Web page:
By: Sid Salter
A dozen or so years ago, Congress began systematically cutting the budget of the Internal Revenue Service, the federal government agency that collects taxes.
As the owner of a modest amount of stock in a Mississippi-based bank, I am aware of the role the IRS already plays in getting data from banks. The IRS database already has your filed tax returns, your Form W-2 information on income from your employment, and Form 1099 information from your interest or dividend earning income. If you are of age, the IRS also has database information about your retirement income from the Social Security Administration.
The IRS has information on your Individual Retirement Accounts (IRA) and Form 1099-K details if you receive enough money through PayPal or other digital transactions. If the IRS wants more information, their revenue agents can issue a summons directly to the banks.
Now, in the wake of the realization that the IRS has been crippled to the point that the agency cannot effectively and fully enforce the nation’s tax laws, President Joe Biden’s administration and his congressional allies are advocating requiring the nation’s banks to give the IRS even more data about money moving in or out of people’s bank accounts.
The short-term goal is gaining more money to finance the multi-trillion-dollar government spending proposals backed by Biden – but his allies see it as a path to finance the even larger spending plans advocated by the far-left wing of the Democratic Party.
The $3.5 trillion “Build Back Better” plan touted by Biden already seeks higher taxes on corporations and the wealthy to finance it. At the same time, the Congressional Budget Office has already reported that the IRS would require $20 billion over the next decade to close the tax gap between taxes owed and taxes paid.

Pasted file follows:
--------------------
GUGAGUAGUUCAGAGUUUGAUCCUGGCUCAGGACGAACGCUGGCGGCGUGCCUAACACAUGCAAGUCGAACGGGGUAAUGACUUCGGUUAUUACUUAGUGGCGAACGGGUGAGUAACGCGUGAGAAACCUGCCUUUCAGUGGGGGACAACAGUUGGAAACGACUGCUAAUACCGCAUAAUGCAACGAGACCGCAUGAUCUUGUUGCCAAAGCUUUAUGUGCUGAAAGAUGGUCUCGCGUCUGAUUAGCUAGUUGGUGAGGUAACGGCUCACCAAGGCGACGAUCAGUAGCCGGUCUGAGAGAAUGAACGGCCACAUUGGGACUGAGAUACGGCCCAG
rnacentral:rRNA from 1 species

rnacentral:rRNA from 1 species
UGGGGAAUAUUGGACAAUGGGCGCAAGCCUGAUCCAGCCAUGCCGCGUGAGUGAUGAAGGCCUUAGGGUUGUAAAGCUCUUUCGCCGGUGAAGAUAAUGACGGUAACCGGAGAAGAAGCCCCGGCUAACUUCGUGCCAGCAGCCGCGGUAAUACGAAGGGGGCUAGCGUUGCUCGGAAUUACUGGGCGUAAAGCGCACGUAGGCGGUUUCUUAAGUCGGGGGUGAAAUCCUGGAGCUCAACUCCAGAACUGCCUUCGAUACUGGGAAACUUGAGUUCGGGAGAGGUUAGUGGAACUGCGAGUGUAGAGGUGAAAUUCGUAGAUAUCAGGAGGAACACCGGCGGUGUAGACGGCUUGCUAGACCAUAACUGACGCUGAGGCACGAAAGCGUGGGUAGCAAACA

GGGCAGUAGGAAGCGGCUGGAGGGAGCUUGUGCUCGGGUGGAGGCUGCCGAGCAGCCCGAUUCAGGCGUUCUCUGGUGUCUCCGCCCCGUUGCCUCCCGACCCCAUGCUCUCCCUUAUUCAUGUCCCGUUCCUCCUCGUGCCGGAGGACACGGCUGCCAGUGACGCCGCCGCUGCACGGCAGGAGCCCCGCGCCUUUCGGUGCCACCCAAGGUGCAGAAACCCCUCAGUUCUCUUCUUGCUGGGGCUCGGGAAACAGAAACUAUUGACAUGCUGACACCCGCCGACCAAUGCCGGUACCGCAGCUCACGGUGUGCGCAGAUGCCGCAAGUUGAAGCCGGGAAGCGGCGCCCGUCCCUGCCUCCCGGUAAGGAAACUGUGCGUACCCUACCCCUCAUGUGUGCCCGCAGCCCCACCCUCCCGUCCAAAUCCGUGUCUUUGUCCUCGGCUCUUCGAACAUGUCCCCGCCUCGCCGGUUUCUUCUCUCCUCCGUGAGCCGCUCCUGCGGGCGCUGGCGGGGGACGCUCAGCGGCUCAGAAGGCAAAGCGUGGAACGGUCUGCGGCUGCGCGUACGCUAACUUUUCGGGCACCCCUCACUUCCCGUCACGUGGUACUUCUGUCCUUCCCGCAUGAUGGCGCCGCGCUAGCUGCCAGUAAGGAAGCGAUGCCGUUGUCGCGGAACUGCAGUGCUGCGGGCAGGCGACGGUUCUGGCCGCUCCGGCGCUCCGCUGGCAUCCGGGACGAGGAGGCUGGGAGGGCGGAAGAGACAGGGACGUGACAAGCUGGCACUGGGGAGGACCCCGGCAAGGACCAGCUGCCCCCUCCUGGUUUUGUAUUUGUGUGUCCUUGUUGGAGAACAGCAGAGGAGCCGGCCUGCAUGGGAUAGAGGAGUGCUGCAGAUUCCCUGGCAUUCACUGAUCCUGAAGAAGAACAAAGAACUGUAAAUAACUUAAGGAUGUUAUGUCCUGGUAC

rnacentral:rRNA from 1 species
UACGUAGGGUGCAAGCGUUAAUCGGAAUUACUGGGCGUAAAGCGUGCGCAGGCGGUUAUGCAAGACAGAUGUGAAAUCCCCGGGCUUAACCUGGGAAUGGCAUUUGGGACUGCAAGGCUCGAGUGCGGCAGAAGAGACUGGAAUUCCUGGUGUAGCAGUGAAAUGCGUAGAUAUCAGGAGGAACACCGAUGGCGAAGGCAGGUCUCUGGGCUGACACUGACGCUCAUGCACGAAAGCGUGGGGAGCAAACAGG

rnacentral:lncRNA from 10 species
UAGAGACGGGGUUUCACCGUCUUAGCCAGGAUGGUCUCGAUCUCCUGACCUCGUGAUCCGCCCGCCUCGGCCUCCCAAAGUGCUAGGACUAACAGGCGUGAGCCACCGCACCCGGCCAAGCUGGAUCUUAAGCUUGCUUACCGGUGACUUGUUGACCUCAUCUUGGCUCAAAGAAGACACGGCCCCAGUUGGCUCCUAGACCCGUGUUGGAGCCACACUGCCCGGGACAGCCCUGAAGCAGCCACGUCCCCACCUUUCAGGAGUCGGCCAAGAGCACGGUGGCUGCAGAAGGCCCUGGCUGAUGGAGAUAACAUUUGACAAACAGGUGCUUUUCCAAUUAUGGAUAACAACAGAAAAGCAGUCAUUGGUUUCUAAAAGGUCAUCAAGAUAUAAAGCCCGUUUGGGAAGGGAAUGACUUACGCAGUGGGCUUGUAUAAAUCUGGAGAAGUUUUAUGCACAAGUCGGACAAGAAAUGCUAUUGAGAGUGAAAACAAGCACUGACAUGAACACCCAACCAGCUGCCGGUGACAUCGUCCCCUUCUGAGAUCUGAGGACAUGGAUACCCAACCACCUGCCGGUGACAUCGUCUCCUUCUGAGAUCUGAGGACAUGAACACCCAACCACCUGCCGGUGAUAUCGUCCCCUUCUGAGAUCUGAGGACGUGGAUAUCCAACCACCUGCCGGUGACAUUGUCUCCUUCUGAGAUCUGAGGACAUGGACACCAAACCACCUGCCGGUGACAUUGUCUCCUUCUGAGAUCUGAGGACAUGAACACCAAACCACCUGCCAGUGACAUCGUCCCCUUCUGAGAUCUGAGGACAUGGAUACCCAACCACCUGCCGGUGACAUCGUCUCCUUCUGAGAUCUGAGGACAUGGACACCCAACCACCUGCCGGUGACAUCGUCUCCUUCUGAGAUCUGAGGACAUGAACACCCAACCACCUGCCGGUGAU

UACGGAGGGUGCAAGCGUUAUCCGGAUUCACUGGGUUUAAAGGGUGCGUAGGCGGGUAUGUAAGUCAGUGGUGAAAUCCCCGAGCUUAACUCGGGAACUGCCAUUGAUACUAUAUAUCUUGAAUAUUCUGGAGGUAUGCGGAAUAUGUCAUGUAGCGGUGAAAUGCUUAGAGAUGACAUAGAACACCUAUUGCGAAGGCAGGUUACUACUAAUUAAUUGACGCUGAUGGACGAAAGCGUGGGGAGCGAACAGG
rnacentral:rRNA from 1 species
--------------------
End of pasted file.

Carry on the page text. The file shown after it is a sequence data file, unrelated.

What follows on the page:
So, to make up for a prior decade of budget cuts and staff reductions at the IRS, the Biden administration is advocating a policy that will force the private sector financial industry – not just Wall Street banks but Main Street banks as well – to ramp up their staff and data resources to essentially function as data miners for the IRS. And that’s after the extraordinary amount of data that banks already provide under current rules.
Remember, the IRS can already issue summons to banks for a wide array of data, but that comes after IRS employees examine a taxpayer’s return. This new law seeks to have private sector bank employees perform that function off the federal payroll.
Another concern is the security of the newly mined bank account inflow and outflow information regarding private accounts. The IRS has been the target of hackers who successfully breached an estimated 700,000 Social Security numbers in 2015, with the breach coming to light in 2016 – and later at a higher number than the agency initially reported.
Mississippi State Treasurer David McRae joined 19 of his colleagues around the country in sending a letter protesting the proposed policy to President Biden and Treasury Secretary Janet Yellen, in which the state chief financial officers said:
“The IRS is a constant target of cybercriminals and in recent years has suffered significant breaches. This reporting requirement will consistently put a large amount of sensitive financial data in transit to the IRS and at constant risk of cyber-attack.
“The IRS does not currently have the capability to effectively utilize or protect this data. If passed, this will be one of the largest and most continuous data mining exercises against Americans in our history and will put a constant strain on customer privacy, data security and overall safety of the banking system.”
Another viable concern is the impact on the nation’s banking system that drives doubt between banks and their customers were expressed by McRae and his colleagues in their message to the President:
“Requiring financial institutions to police accounts and constantly report to the government may create a lack of trust, causing many to close financial accounts, increasing the number of unbanked Americans.”
There has to be a wiser, fairer fix to the realities of years of IRS budget cuts than forcing private banks to become part-time IRS agents. Congress should own their decade of IRS budget cuts and craft better solutions.